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Labour’s 836 proposals: ‘A roadmap for change’

Labour supporters with copies of the party’s manifesto applaud at its launch last night. Photo: Jason Borg

Labour supporters with copies of the party’s manifesto applaud at its launch last night. Photo: Jason Borg

With a total of 188 pages and a list of 836 proposals, the Labour Party manifesto is a behemoth.

Approved yesterday by the party’s general conference, the extensive document covers 20 chapters ranging from education to the economy, civil liberties to democratic reform.

The more salient proposals have already been announced by the party over the past few weeks as it adopted a piecemeal approach to exposing its “roadmap for change”.

However, the manifesto paints a mixed picture of continuity, change and statements of principle.

From the creation of “a Wi-Fi state” that ensures nationwide wireless internet access, to the formation of a special police unit to manage tourist zones, the proposals target generic and specific issues.

The Labour Party also used its manifesto to reaffirm its commitment to building a new campus at Mcast, the completion of the oncology hospital, the continuation of works on the bio-Malta campus, the retention of the college system for government schools and keeping tax credits for parents who send their children to private schools.

The following are excerpts from the manifesto that exclude most of the proposals already announced during the campaign.

Tablets

The manifesto beefs up the proposal to give tablet computers to Year 4 children by saying that these will also be given to teachers and Learning Support Assistants. Incentives will also be given to publishing houses and individuals to create digital educational material in Maltese.

Bullying

A Labour government will be committed to address bullying in schools, including that linked to sexual orientation, race and ethnicity.

School security

While emphasising the need for high safety standards a Labour government would consider, after consultation, the introduction of security guards in schools.

Church and independent schools

Labour will not rock the boat and is committed to keeping the financial assistance agreement with Church schools. Tax credits for parents who send children to private schools will be “improved” and in a special mention, the Islamic school Mariam Al Batool’s future will be “secured”.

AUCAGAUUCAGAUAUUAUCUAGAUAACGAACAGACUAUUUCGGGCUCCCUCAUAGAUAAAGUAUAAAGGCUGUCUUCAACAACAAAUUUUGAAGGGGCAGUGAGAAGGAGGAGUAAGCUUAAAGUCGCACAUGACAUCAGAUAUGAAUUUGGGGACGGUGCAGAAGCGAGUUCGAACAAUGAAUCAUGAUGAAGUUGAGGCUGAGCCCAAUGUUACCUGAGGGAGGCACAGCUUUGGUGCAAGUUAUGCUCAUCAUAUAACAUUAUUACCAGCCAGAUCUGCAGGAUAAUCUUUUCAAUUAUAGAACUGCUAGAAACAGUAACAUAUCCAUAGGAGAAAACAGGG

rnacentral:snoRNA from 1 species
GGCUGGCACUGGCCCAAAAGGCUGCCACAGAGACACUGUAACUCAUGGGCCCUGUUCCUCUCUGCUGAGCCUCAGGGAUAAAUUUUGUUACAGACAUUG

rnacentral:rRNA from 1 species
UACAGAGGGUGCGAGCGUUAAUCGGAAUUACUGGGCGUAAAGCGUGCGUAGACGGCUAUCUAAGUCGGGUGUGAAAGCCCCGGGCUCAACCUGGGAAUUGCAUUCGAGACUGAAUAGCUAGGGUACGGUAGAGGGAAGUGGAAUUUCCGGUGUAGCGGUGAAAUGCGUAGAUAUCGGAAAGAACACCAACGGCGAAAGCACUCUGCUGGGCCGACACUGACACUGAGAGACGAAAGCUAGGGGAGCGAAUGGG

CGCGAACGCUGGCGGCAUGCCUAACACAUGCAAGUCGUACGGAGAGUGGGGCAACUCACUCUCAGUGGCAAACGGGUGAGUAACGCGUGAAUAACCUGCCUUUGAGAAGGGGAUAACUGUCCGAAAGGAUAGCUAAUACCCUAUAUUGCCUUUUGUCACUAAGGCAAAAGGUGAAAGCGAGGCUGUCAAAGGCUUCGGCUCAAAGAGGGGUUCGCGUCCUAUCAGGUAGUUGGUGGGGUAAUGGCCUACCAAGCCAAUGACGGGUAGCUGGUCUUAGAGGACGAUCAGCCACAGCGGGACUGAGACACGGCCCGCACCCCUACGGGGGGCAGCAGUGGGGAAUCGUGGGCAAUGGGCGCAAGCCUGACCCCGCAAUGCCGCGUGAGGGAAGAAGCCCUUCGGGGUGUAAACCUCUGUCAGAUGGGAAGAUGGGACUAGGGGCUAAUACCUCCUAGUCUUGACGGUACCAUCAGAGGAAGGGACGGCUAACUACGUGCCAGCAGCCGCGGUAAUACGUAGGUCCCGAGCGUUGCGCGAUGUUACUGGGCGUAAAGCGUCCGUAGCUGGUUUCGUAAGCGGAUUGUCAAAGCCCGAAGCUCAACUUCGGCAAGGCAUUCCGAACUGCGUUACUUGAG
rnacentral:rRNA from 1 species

Choice at University level

A Labour government will encourage foreign universities or institutes to open regional campuses in Malta, possibly even in Gozo. A tax credit equivalent to the interest paid on loans will be given to students who continue studying at post-graduate level.

Tax cuts

Labour will retain the tax cut announced in the last Budget and immediately remove income tax on minimum-wage earners. Without giving specific details the manifesto says income tax bands will be adjusted gradually so that more families pay less tax.

Wi-Fi state

A Labour government will aim to make Malta the first Wi-Fi state in the world by extending free Wi-Fi in public buildings and open spaces.

Tourist police

A specialised police unit trained to manage security in tourist zones will be created. Action teams with specific budgets and workers will be set up to ensure regular maintenance of tourist areas.

Childcare centres

Free childcare centres will be set up but for parents who opt to send children to private centres, the tax credit on fees paid will increase to €2,000.

Private pensions

Fiscal incentives will be introduced to encourage people to take out a private pension under the third pillar.

Animals

The post of commissioner for the protection of animals will be created to investigate animal abuse, suggest measures to make the country animal-friendly and conduct educational campaigns. Public spaces will be accessible to pets.

Hunting

Sustainable spring hunting according to EU regulations will be guaranteed and a Labour government would ensure hunters will have the same treatment as their European counterparts.

Valletta CVA

The paid vehicular access system to Valletta will be reformed and entry into Valletta will be free of charge after 2pm and Saturday.

Traffic bottlenecks

The Government will draw up a national traffic management plan to identify road bottlenecks with priority being given to upgrading the Addolorata and Kappara junctions.

Bendy buses

A future government would engage in talks with bus operator Arriva to improve the service and routes with a view to removing bendy buses on routes where it is evident they are causing congestion.

Financial services Ombudsman

The Ombudsman will have the power to investigate consumer complaints and decisions will be of an executive nature.

Easy loan transfer

It will be easier for bank clients to transfer house loans from one bank to another. In this way they will benefit from ­­competition between banks on interest rates.

Police extra duty

Income derived by the police for performing extra duty will be taxed at 15 per cent.

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